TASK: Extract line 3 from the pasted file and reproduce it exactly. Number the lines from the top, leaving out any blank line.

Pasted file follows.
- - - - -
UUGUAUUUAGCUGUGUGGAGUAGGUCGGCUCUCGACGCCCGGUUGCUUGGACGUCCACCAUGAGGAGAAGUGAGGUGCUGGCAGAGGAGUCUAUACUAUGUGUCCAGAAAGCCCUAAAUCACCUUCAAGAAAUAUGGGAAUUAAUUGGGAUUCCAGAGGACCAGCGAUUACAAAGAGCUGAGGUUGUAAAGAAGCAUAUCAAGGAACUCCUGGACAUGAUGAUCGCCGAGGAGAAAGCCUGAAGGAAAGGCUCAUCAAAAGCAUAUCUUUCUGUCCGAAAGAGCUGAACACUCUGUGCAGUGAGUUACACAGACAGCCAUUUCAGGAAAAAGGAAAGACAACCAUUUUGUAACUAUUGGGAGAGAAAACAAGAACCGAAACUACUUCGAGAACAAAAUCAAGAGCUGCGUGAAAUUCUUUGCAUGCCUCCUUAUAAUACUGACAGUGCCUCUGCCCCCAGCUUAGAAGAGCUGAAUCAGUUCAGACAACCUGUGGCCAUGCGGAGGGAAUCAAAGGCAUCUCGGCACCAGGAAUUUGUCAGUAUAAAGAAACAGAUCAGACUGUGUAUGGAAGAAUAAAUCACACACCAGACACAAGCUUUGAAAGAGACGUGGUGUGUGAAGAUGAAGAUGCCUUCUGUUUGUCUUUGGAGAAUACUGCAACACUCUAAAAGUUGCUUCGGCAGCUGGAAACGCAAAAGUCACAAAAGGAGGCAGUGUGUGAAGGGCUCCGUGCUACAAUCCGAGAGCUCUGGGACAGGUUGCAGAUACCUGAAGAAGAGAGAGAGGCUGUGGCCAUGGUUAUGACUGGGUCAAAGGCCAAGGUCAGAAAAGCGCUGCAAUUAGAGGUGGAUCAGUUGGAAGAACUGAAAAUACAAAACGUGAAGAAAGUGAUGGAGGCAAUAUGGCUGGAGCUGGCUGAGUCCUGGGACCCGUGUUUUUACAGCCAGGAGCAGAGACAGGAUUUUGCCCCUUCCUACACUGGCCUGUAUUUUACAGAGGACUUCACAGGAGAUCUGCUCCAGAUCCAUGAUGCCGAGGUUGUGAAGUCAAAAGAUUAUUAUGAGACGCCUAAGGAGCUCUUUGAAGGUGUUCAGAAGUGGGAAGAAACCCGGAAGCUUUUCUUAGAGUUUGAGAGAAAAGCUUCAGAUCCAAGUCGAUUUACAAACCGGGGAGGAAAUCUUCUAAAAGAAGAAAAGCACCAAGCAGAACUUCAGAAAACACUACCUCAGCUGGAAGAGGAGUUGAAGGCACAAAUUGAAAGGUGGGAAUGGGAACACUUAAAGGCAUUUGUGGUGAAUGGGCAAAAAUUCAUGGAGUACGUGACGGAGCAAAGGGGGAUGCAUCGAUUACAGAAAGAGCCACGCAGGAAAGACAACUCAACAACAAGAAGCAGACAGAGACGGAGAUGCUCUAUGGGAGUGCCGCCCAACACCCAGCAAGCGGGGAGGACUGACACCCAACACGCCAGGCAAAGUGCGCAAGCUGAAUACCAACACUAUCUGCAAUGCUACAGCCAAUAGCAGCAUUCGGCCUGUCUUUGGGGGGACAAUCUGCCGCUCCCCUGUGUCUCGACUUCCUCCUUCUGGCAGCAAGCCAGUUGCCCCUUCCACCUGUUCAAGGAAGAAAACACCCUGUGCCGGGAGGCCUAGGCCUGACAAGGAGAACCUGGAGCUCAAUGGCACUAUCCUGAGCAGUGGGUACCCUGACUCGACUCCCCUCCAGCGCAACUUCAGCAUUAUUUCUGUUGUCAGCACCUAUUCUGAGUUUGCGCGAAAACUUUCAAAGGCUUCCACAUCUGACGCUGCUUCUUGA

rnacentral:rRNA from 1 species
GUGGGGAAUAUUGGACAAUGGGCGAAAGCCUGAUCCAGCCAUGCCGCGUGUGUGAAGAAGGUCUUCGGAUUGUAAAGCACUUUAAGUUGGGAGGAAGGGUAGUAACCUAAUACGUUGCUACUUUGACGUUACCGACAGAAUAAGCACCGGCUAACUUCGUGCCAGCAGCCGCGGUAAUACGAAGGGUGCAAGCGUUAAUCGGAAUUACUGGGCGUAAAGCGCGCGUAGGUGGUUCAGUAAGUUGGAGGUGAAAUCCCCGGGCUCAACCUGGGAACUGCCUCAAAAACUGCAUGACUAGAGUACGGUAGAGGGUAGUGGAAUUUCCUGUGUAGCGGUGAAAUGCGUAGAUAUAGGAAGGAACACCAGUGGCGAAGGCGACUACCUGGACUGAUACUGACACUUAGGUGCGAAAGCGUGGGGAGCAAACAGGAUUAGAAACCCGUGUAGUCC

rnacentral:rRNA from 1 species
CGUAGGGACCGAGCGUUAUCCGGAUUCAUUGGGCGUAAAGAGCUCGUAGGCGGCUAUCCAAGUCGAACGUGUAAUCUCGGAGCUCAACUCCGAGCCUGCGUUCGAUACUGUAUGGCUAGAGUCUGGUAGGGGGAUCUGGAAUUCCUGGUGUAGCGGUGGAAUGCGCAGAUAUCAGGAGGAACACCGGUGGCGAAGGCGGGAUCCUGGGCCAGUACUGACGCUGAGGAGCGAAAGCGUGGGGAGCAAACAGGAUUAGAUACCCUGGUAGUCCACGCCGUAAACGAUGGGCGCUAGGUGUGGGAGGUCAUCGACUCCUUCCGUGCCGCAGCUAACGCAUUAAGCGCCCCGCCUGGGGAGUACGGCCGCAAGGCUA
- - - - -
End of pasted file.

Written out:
GUGGGGAAUAUUGGACAAUGGGCGAAAGCCUGAUCCAGCCAUGCCGCGUGUGUGAAGAAGGUCUUCGGAUUGUAAAGCACUUUAAGUUGGGAGGAAGGGUAGUAACCUAAUACGUUGCUACUUUGACGUUACCGACAGAAUAAGCACCGGCUAACUUCGUGCCAGCAGCCGCGGUAAUACGAAGGGUGCAAGCGUUAAUCGGAAUUACUGGGCGUAAAGCGCGCGUAGGUGGUUCAGUAAGUUGGAGGUGAAAUCCCCGGGCUCAACCUGGGAACUGCCUCAAAAACUGCAUGACUAGAGUACGGUAGAGGGUAGUGGAAUUUCCUGUGUAGCGGUGAAAUGCGUAGAUAUAGGAAGGAACACCAGUGGCGAAGGCGACUACCUGGACUGAUACUGACACUUAGGUGCGAAAGCGUGGGGAGCAAACAGGAUUAGAAACCCGUGUAGUCC